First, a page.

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Why do tea kettles make noise?

Updated on October 6, 2011

Most people enjoy a hot cup of tea or coffee - or even hot chocolate. No matter what kind of hot drink you enjoy, you've probably either boiled a kettle or seen someone else boil one. And it may have struck you as odd that a kettle makes noise.

We know, of course, that the noise made by the kettle is an indication that the water is either boiled or very close to it. It's a little more complicated what actually makes the noise, however.

There are two types of noises made by kettles - although not every kettle will make both. The first type is the bubbly, boiling sound. And the second is the whistle that many older type kettles make. Both questions will be addressed below.

Why are kettles noisy?

Kettles usually make a strange steamy, bubbly noise as they begin to heat up. 

The explanation for this is simple. Basically, the element at the bottom of the kettle, which heats the water, causes the noise. The water around the element heats fast and turns into steam. This steam rises and meets the cooler water at the top of the kettle. Of course steam turns back into water when cooled.

Because water is less dense than steam (takes up less space than the steam), the transformation of the steam into water leaves a space which the remaining water rushes to fill - and that's what makes the noise. The bubbles of steam get bigger and bigger as the water heats, making more and more noise.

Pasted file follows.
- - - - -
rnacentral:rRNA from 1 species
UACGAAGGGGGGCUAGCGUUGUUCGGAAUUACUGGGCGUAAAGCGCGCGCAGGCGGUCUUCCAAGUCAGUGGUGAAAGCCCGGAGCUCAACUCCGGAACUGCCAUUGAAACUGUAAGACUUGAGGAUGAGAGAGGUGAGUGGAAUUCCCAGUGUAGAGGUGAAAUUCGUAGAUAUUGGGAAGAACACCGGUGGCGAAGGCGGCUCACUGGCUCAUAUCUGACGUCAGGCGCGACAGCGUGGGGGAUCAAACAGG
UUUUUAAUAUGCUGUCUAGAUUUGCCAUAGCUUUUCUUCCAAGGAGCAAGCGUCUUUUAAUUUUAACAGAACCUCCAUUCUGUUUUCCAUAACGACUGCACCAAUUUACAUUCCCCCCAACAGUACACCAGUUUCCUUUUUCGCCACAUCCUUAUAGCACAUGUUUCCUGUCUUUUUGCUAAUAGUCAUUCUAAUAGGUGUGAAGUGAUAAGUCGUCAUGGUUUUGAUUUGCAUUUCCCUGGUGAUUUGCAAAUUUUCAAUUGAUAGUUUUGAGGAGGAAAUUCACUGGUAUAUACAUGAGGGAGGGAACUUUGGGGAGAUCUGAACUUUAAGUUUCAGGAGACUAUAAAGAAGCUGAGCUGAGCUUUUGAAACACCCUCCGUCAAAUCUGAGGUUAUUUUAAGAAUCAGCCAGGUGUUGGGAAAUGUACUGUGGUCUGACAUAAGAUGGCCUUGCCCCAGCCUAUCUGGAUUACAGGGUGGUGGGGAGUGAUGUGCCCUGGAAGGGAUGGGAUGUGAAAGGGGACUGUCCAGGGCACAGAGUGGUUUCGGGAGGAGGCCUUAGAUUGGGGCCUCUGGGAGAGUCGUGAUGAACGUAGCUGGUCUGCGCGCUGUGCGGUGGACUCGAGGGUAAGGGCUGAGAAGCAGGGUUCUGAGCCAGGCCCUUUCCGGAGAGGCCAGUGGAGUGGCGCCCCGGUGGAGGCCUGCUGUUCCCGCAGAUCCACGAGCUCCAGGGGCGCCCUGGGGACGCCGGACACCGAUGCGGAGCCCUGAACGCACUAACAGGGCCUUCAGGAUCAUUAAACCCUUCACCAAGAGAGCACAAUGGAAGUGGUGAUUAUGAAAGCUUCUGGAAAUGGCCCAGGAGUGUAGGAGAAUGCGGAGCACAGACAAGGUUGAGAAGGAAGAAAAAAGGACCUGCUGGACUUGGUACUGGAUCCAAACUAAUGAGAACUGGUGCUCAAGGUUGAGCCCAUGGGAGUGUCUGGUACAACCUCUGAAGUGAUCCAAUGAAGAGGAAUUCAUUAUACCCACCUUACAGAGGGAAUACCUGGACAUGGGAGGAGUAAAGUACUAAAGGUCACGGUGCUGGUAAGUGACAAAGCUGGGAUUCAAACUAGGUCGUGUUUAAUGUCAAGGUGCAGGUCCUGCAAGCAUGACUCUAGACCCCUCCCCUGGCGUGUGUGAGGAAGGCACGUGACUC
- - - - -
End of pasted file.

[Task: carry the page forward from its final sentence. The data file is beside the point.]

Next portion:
Why do kettles whistle?

Older style 'whistle' tea kettles have a special type of lid which creates the whistle we hear when water reaches boiling point.

The spout is actually two pieces of metal, about 1/8 inch apart. As the steam builds and tries to escape the kettle, it passes through the two holes in the metal plates. In doing so it creates oscillating air pressure that turns into vibrations or sound waves - that then reach our ears.

Photo thanks to iMorpheus on Flickr

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    • MizBejabbers profile image

      MizBejabbers 5 years ago

      Hill people in the Ozark Mountains used tea kettles as barometers, too. They gauged barometic pressure by the way the water boiled in the kettle. Outsiders thought they were crazy and laughed at them, but their storm predictions were usually accurate enough to give them the last laugh.

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      Amber 2 years ago

      I believe you meant to say that water is MORE dense than steam.

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